Financial Planning, The Simpsons and World Cups

This post will get a little bit more interesting, but this is a financial blog so here is a quick reminder.

This is the time in the year where financial planning offers up a smorgasbord of options for using tax allowances before the financial year end (April 5th) – the most obvious of which is the stocks and shares ISA allowance of £11,520. But there are also cash ISAs, junior ISAs, pension contribution and gift allowances to consider – these last two do also allow some contributions to be carried forward from previous years.

Rather than bore you with the details of each here, feel free to contact me – although I doubt you’d be bored with the projected outcome of using these allowances effectively. And projecting outcomes is a large part of what we do and I am happy to explain exactly how we go about doing that.

But here is an example of some planning of mine that did not go so well – a trip to the 1994 World Cup in America.

England failed to make the finals, but I’d agreed with a former colleague, Alberto, to go to the States to follow his home nation Colombia if they qualified – which they did by thrashing a fancied Argentina 5-0. ‘Pele’ was so impressed he installed them as favourites to win the tournament.

The first two games were in Pasadena at the Rose Bowl, so we agreed to meet up in nearby LA. I would be flying from London, Alberto from Tokyo and he had also invited an old school friend who was travelling from Bogota.

It was June 17th and Alberto arrived first to a very sunny LA, hired a car and was there waiting for me as I arrived at the airport.  He then dropped me at our very nice hotel close to Rodeo Drive and returned to the airport to pick up his friend was arriving later.

So far, so good. I was happy – what could go wrong? 

Well this to start with:

LA was in lock down.  Alberto couldn’t reach the airport – meanwhile his friend had arrived from Colombia and phoned our hotel.

Unfortunately, his English was not great and nor was my Spanish, but I thought I’d explained the situation quite well to him.

When they finally arrived at the hotel several hours later, it turned out Al’s friend did not have a clue what I was talking about. He thought some mad Brit wanted to talk to him about ‘The  Simpsons’, when all he wanted to know was why Alberto was not at the airport to pick him up.

Colombia then lost their two opening games and were effectively out of the tournament. 

There were some appalling rumours at the time about how various Colombian drug cartels were trying to influence player selection in the Colombian team. Which, we now know, was likely to be true. And this was highlighted by the tragic death of defender Escobar, who was gunned down on returning to Colombia.

Escobar’s crime – scoring an own goal against the USA.

But, we still had tickets for the last game at the Stanford Stadium near San Francisco.

So, we travelled to San Francisco to a hotel recommended to us by the concierge at our hotel in LA – a very nice man who kindly booked our room for us.  What we didn’t realise is that he chosen this hotel for us in the belief that we were much more than just good friends.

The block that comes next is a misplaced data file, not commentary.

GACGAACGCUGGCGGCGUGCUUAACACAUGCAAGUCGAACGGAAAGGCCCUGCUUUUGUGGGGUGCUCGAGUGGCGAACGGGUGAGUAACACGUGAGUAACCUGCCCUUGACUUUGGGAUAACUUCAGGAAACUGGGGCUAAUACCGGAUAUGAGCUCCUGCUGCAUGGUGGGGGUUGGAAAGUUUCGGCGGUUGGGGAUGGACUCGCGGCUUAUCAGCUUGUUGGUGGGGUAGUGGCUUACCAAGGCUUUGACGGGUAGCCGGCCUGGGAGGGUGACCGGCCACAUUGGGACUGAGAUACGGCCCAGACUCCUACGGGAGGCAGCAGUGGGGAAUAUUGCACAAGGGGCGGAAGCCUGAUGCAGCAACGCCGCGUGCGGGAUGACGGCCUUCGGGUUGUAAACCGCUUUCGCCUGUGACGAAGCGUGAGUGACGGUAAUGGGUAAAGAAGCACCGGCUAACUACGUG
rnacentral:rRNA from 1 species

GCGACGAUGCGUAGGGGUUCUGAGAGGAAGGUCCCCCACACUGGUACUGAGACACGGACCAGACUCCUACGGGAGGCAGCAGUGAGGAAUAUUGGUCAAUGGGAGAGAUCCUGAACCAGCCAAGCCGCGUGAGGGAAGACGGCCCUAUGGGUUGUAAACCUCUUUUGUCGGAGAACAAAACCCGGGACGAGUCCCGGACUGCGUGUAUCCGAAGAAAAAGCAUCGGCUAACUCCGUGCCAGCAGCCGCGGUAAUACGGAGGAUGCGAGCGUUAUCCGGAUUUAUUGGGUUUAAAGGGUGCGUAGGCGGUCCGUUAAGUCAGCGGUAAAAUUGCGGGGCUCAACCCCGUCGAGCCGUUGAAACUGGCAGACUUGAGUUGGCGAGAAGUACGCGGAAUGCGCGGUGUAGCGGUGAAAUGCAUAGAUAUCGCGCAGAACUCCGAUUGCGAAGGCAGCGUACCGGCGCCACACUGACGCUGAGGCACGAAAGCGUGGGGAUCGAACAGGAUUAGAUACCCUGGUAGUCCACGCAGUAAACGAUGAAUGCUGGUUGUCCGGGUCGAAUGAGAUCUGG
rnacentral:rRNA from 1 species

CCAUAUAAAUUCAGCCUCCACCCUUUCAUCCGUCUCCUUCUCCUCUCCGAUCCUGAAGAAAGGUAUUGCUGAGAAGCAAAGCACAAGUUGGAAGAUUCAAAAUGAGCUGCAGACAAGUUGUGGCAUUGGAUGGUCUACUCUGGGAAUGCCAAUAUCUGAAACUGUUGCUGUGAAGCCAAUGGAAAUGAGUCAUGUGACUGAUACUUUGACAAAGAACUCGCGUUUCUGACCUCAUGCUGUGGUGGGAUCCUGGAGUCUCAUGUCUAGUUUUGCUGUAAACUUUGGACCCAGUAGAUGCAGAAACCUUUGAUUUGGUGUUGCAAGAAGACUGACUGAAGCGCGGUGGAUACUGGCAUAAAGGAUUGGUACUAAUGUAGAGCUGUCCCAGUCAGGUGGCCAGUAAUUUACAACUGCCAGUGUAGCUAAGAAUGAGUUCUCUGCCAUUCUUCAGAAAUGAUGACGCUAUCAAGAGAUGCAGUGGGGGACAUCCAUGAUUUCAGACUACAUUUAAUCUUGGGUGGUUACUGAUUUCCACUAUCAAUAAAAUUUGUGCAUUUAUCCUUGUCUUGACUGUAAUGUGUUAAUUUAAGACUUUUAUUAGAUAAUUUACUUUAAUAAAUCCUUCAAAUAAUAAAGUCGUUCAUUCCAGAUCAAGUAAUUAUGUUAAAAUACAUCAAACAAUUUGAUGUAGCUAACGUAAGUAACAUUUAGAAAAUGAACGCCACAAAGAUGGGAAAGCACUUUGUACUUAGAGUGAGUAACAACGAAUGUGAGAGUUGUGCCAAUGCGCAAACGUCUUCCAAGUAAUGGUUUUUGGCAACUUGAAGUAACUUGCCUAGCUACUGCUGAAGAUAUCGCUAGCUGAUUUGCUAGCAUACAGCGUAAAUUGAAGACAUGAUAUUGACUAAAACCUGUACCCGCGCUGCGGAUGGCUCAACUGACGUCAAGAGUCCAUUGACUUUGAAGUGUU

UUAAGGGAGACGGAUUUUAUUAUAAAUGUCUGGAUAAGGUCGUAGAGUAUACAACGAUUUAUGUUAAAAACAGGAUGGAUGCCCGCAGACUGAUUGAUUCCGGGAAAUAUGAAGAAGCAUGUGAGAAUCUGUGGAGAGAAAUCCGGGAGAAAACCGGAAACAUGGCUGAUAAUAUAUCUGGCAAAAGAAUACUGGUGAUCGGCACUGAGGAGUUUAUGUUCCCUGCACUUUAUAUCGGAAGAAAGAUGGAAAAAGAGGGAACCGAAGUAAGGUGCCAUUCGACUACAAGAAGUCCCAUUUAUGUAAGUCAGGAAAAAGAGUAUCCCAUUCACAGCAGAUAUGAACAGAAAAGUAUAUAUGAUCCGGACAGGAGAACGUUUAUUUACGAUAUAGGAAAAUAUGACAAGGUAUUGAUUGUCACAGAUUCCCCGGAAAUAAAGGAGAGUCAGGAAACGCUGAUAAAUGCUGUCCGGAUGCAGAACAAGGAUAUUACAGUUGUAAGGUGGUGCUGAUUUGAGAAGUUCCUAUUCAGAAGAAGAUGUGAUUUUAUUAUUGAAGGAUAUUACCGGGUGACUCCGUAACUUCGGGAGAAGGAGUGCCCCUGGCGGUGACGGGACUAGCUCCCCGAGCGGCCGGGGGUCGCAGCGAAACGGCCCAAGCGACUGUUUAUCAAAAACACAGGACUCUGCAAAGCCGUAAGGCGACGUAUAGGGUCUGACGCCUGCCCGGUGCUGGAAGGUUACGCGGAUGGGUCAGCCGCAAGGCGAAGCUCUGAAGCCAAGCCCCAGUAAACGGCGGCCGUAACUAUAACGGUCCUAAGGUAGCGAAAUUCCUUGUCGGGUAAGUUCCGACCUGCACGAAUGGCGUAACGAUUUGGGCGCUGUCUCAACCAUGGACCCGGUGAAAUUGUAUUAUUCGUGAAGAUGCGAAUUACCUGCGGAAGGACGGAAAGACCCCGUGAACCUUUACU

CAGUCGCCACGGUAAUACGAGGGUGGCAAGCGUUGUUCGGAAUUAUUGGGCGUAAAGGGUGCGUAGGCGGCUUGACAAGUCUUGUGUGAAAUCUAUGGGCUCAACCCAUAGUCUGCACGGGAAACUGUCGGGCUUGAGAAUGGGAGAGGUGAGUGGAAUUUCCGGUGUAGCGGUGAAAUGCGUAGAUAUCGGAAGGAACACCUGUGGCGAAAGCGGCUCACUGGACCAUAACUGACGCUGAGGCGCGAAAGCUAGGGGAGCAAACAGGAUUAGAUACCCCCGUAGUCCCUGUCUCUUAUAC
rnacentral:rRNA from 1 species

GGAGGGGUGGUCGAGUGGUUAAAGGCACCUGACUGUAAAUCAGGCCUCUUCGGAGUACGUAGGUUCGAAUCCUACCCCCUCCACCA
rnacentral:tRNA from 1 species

Our hotel in San Francisco was certainly ornate and there was also the lovely scent of jasmine everywhere. And when we were shown our room, it was obvious that the interior designer had certainly let their creative juices flow.

It had a ‘Tarzan’ theme – there was a large animal skin on the door and a jungle style four-poster bed over which stood a huge image of a fit young man in just a fur thong – and he was wrapped in a giant snake. And unless you didn’t quite get the idea, there was raffia grass everywhere.

Now, when it comes to interior design I’m a little bit more beige than tiger print and when we were shown an alternative room with a large purple bow on the door,  with a  matching interior and featuring love letters by Oscar Wilde the penny finally began to drop. 

We should have been fine staying in what was a beautiful hotel. That it ostensibly catered for the gay community should have been irrelevant. But, in our daft embarrassment and after being put on the spot it seemed easier to leave and check into the Sir Francis Drake hotel – complete with its plain doors, beige walls, chintz curtains and bad service.

There was the added bonus that some other fans of Colombia were staying at the Sir Francis Drake, and the memory of playing spoof with ten Colombian guys for shots of ‘aguardiente’ was one of the few highlights of the trip.

Colombia did win their last game against Roy Hodgson’s Switzerland, but we were left wondering what might have been and somewhat poorer.

Had I learned my lesson about spending money chasing sport?

Not quite.  In 2002 as a resident of Yokohama in Japan I applied for and got, by chance, four tickets to the World Cup final. An American client of mine told me to sell them and buy the biggest plasma TV I could find with the money to watch the game – sound advice from a very good hedge fund manager.

But what if England made it to the final?  I’d never forgive myself. But, of course, they didn’t.

I even shelled out over £400 to watch England lose to Brazil in the quarter finals in the ‘choker in Shizuoka’.

I did get to go to the final, with my wife and two local friends, one of whom was Alberto, some eight years after our US debacle. But it was all a bit underwhelming – it sounds terrible to say, but I would have been happy to leave early, I didn’t, but that’s how I felt.

Safe to say that I now believe that I am cured.


  • past performance is no guide or guarantee of future returns;
  • the value of stock market investments can rise and fall over time,  so it is quite possible to get back less than what you put in, depending upon timing;
  •  if you get allocated  tickets to a World Cup final, seriously consider selling them (if legal) and buying a big TV.